• Moz "Learn SEO from the industry experts".  Or sign up to their Pro services and courses.  As all good SaaS (Software as a Service) providers do, they also offer a generous serving of free SEO tools, guides and articles.
  • Spambot Beware: "There are many ways of hiding your email on a web page. Most of the tricks described here can be combined, and all of them will benefit from some CGI tricks as well."  Yes, there are many newer resources out there now, but Greg Sabino Mullane provides a simple site explaining the many aspects of spam, what to do and just as importantly, what not to do in combating it. 
  • World Wide Web Consortium, or W3C. The overlords and arbiters of common web language, style and behaviour. If you design/write web pages you should visit occasionally to ensure your code is up to date so we all get to see your pearls of wisdom.  Much technical sysadmin stuff, but also a number of tools to test your code against the current standards.  A good place to get an overview of who, what, where, when, why and how.
  • Sitepoint "Get 300+ Books & Courses from the World's Best Tech Publishers".  Whether you're a beginner or seasoned pro who wants to learn more, Sitepoint is a great starting point.  (We've purchased hardcopy and PDF books, and courses.)
  • The Web Robots Pages How to allow or prevent search engines and spiders (the polite ones at least) from indexing pages, directories or whole sites.
  • The Search Engine Report. "...is a monthly newsletter that covers developments with search engines and changes to the Search Engine Watch web site."
  • Udemy"...is the leading global marketplace for teaching and learning, connecting students everywhere to the world's best instruction anywhere."  Have logged more than few courses here.  Great resource.  And if you feel overwhelmed with the "how do I choose which course to take?" question, here is Udemy's own "How to Preview And Compare Courses", and an outsider's view "How to Find the Best Udemy Courses".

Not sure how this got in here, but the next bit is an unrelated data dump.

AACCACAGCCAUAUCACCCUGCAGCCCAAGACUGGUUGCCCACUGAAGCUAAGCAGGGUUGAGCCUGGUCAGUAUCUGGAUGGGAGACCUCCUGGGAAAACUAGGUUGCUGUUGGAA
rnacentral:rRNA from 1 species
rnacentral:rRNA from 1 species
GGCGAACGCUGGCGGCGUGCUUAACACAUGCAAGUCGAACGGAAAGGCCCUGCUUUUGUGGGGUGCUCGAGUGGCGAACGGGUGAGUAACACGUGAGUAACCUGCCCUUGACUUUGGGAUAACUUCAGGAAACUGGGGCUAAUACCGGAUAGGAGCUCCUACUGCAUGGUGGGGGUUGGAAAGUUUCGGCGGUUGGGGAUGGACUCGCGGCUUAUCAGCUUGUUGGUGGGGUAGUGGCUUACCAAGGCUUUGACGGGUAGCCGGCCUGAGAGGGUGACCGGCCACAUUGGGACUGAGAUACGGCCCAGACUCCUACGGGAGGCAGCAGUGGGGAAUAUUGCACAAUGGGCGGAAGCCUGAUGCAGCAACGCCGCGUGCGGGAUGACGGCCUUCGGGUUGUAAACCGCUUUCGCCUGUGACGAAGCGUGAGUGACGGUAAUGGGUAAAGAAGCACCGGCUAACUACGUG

• WebmasterWorld"...is one of the World's leading educational news and discussion forums for webmasters to discuss topics related to all aspects professional web mastery."
  • Learn WordPress  "You've got a blog.  Huzzah!   Time to make it the next internet sensation. Whether you want to be a WordPress.com pro or just need to get the hang of the basics, you've come to the right place."  And if you dip your toe in the water with a free wordpress.com account, you'll also have a free plug-in which you can set up to share your blog posts to your primary Facebook, Twitter, LinkedIn, Tumblr and Mailchimp accounts.  Publish once - broadcast many.  Huzzah again!

Useful Services

Here are a few online services I've found useful over the years.  Like so many useful tools, they're free to use, with some also offering affordable paid subscriptions for power users.

  • KnowemNew  "KnowEm allows you to check for the use of your brand, product, personal name or username instantly on over 500 popular and emerging social media websites. Grab your name and secure your brand before someone else does." There are lots of brand/username/name checker sites out there now, but one of the oldest is Knowem.  If you're serious about your brand name, and want to make sure the major bases are covered, including US trademarks, then this service is very useful.  And of course, you can also pay them (a very reasonable fee) to set up your accounts for you, if you've got better things to do with your time.
  • Snaggy "is the fastest way to share a screenshot without needing to download or install anything. It's designed with your workflow in mind by using only a minimum number of keypresses to share your images."   No commercial or public options, but a useful service to share something on-the-fly, if other screenshot apps or programmes are a hassle.
  • Uptime RobotNew " Downtime Happens. Get Notified! 50 Monitors, Checked Every 5 Minutes, Totally Free!"  I've been using this service for years, and it's excellent. The developer updates the performance and features on a regular basis. If you're a DIY webmaster, it's invaluable to keep tabs on your server uptime, and if you're a pro, then the "Pro" features are useful and valuable.
  • WeTransfer "was founded in 2009 as the simplest way to send big files around the world. Today we're a set of beautifully obvious tools to keep your ideas moving."  When ever I want to send big files, I use WeTransfer.
  • See Also: